Carina Contini, co-owner of Contini restaurants, has spoken out about the latest guidelines that ask venues to ensure people from different households be seated one metre apart from each other, even if they are at the same table.
Ms Contini, speaking on Good Morning Scotland on Monday, said: “So up until last Friday we were feeling really optimistic, we're feeling positive.
"And then at 6pm on Friday, guidelines, and further, further reports – I mean there's so many I can't even, I'm not even read them all yet – have been released and thrown us an absolute bombshell.
"I mean [it’s] an absolute impossibility in terms of being able to open.
"So the bookings that we've already got … we'll have to phone up and say ‘I'm sorry, we can't honour your booking because we know can't host this level of capacity’.
"Then suppliers that we've committed to … we're gonna have to phone up and say ‘I'm sorry, we can't buy this level stock because we won't be able to sell it’, and then the team that we've given jobs to, we're going to have to force them up and say ‘I'm sorry, we just do not have a role for you’.
"It is absolutely going to be crippling for the sector.”
Ms Contini co-owns a company that runs restaurants on George Street, Castlehill and in the Scottish National Gallery.
She continued: "If I was catering for six people at a table, I'd have to have a table that's three-and-a-half metres long.
"There's not a restaurant supplier in the country that makes tables that are three-and-a-half metres long.
“I mean, elderly customers who may be hard of hearing, they're gonna have to FaceTime themselves over lunch because the distance is just so far away.”
Hospitality venues are preparing to reopen outside areas next Monday in the latest stage of the road map out of lockdown.
Six adults from six households are currently allowed to meet up.
These latest guidelines were released on Friday night, and Ms Contini is not the only restaurateur to be expressing concern.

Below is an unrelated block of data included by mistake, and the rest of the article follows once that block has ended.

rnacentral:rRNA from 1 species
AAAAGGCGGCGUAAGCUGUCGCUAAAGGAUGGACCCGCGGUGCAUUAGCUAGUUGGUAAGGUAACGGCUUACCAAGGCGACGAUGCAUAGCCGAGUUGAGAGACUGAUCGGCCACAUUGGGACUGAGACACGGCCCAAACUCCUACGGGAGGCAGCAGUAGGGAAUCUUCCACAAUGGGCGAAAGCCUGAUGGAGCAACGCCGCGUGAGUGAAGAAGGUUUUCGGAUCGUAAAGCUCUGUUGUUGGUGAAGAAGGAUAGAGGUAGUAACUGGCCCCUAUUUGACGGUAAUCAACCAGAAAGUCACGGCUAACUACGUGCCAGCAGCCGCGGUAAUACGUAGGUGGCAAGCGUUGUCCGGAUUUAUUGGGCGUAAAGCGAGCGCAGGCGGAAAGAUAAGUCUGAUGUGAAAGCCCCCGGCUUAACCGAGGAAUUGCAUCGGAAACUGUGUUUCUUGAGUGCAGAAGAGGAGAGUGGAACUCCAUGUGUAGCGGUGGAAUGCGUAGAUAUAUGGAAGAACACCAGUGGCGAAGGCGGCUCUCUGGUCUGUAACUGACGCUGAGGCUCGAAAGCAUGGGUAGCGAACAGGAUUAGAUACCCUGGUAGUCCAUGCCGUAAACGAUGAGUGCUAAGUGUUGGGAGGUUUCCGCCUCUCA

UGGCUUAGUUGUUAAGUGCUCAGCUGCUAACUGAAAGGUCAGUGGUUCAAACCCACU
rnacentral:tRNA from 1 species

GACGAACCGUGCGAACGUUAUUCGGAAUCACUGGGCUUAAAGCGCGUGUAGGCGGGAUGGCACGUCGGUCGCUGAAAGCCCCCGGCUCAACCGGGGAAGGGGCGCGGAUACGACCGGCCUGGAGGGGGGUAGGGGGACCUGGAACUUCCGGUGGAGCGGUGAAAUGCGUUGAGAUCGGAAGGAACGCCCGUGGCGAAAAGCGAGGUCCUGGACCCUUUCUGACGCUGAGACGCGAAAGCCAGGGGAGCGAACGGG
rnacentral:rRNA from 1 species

Celebrity chef Nick Nairn, who runs Nick’s on Henderson Street in Bridge of Allan, said: “If I can’t do the same number of covers, I don’t need the same amount of staff.
"We've assumed we're going to be busy, so we've recruited staff.
"When do I tell the staff I don’t need them? How much food do I order? Am I going to do 120 covers or am I going to do 80 covers?
"At what point is it worth doing at all and we just stay closed until they relax regulations a bit more?
"Maybe I’m worrying wrongly, but I want someone to tell me because I can’t open my business until I know.”
Edinburgh restaurateur Paul Brennan, who runs Dine above the Traverse theatre and Dine Murrayfield cafe, said clarity was needed.
He said: “Unfortunately when you're trying to get the information you require, it's actually quite hard to get and some of it is conflicting.”
Linda Bauld, professor of public health at the University of Edinburgh, stressed the guidance published by the Scottish Government was a draft.
She told Good Morning Scotland: "It is extremely important that the sector have the opportunity to comment, to express their concerns and to see what is feasible for them.
"I imagine the reason the 1m requirement between different household members is in place is to provide additional protection, but the government has to balance up additional harms at the moment."
The First Minister will be hosting a press conference on Tuesday and is expected to address the concerns of the hospitality sector.
A note attached to the guidance states: “This is draft guidance and may be amended subject to comments received to take into account engagement with stakeholders.”
The Scottish Government were contacted for comment.